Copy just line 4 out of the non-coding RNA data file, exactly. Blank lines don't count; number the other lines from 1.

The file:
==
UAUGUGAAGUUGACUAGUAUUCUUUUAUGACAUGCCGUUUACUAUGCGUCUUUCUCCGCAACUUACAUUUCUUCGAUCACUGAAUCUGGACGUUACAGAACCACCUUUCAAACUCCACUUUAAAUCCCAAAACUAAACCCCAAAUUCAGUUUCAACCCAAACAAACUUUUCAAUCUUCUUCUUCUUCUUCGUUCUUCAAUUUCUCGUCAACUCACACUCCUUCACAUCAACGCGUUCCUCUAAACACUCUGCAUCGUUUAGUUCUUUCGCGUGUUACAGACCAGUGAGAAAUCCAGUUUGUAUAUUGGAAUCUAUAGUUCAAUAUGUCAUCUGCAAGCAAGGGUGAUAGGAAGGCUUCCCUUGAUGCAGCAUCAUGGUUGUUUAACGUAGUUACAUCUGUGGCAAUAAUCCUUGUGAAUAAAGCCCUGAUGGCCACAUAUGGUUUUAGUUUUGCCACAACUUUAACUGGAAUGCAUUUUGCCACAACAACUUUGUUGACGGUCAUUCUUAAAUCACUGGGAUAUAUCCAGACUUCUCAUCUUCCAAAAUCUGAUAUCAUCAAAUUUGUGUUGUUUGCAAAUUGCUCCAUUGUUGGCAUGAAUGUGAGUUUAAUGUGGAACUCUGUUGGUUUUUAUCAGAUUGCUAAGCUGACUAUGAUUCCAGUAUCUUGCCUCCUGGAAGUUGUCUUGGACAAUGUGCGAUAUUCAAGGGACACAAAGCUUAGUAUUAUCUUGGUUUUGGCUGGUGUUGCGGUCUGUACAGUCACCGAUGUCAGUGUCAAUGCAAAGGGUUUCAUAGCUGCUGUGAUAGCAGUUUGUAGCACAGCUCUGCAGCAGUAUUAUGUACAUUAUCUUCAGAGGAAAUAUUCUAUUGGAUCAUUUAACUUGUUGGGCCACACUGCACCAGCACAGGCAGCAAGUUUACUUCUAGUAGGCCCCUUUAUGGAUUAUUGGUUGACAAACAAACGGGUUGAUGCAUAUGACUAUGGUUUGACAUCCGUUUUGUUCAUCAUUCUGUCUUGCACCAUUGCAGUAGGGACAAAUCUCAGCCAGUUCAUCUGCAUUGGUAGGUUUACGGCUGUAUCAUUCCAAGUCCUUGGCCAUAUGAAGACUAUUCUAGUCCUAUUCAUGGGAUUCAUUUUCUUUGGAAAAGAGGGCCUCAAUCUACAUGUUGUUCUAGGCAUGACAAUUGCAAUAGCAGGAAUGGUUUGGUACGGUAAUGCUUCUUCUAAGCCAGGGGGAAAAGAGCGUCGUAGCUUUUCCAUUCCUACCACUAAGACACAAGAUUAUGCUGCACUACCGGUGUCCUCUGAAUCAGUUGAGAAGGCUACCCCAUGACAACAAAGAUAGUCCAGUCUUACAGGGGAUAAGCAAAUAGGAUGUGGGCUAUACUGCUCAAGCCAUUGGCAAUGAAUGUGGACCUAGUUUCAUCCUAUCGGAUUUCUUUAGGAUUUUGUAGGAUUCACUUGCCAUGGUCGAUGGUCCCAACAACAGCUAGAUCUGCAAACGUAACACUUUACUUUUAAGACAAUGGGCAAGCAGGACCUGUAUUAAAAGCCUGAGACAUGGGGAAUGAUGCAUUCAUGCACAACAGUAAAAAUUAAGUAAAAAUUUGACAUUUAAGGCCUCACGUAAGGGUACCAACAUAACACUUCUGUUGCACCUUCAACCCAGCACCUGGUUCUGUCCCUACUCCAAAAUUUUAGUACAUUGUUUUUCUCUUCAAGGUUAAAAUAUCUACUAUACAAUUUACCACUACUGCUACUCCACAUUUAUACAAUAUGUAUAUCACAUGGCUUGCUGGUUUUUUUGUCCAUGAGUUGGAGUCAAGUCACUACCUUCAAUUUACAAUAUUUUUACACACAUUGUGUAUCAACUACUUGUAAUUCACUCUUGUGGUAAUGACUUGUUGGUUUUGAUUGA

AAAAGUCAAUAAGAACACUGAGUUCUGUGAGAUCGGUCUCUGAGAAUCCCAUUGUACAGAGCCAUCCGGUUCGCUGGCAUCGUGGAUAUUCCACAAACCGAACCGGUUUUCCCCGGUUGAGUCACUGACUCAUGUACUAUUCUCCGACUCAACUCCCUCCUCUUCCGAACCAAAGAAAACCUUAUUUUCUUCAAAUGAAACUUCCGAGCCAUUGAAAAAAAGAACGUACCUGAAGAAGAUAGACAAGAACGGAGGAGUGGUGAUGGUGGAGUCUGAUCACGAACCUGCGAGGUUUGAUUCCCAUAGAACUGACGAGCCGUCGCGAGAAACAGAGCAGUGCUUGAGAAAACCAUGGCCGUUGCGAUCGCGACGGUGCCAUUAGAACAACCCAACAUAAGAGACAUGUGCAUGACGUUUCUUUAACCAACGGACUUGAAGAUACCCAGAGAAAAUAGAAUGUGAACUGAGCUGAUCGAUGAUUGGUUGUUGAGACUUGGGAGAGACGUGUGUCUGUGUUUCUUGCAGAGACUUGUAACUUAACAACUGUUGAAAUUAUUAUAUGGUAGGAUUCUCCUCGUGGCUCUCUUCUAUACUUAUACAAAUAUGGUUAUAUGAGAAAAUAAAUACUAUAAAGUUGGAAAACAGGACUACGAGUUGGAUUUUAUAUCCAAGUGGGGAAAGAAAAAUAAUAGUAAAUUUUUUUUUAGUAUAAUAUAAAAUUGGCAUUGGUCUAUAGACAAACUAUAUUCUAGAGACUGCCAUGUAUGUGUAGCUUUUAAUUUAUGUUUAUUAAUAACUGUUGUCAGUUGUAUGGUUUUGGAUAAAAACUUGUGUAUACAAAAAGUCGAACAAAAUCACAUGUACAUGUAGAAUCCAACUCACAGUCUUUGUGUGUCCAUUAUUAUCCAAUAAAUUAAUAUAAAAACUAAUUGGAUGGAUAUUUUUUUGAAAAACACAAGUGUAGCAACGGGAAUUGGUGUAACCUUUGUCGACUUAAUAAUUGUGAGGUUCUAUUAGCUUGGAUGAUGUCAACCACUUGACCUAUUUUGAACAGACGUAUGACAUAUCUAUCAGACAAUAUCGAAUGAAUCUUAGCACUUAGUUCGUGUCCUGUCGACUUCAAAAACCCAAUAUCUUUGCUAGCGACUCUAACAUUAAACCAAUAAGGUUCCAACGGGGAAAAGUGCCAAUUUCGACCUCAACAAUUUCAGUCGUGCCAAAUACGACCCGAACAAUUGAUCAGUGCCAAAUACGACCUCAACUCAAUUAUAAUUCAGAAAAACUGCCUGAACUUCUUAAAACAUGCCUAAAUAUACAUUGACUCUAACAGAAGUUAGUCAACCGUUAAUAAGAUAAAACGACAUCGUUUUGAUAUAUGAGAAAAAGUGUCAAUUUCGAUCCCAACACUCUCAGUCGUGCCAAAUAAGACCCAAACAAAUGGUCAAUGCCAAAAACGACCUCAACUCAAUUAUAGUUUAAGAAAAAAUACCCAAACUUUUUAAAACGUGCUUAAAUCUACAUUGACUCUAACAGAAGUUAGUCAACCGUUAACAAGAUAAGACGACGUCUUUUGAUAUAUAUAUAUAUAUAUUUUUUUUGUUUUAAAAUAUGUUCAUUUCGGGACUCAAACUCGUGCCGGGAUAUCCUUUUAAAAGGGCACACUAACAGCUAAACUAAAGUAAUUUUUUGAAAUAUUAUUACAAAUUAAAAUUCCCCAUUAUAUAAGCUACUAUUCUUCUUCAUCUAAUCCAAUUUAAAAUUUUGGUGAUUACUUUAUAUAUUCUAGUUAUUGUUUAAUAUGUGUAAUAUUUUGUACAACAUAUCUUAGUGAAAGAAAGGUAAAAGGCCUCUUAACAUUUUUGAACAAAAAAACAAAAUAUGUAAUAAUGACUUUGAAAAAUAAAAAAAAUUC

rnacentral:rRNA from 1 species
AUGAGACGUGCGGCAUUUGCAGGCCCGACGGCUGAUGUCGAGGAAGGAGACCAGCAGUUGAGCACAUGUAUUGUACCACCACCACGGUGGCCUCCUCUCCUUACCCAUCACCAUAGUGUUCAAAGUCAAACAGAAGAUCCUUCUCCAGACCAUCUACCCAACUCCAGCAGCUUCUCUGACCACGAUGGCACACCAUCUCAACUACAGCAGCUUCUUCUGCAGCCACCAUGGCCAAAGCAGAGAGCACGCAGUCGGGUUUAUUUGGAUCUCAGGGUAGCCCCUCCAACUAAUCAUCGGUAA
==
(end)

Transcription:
AUGAGACGUGCGGCAUUUGCAGGCCCGACGGCUGAUGUCGAGGAAGGAGACCAGCAGUUGAGCACAUGUAUUGUACCACCACCACGGUGGCCUCCUCUCCUUACCCAUCACCAUAGUGUUCAAAGUCAAACAGAAGAUCCUUCUCCAGACCAUCUACCCAACUCCAGCAGCUUCUCUGACCACGAUGGCACACCAUCUCAACUACAGCAGCUUCUUCUGCAGCCACCAUGGCCAAAGCAGAGAGCACGCAGUCGGGUUUAUUUGGAUCUCAGGGUAGCCCCUCCAACUAAUCAUCGGUAA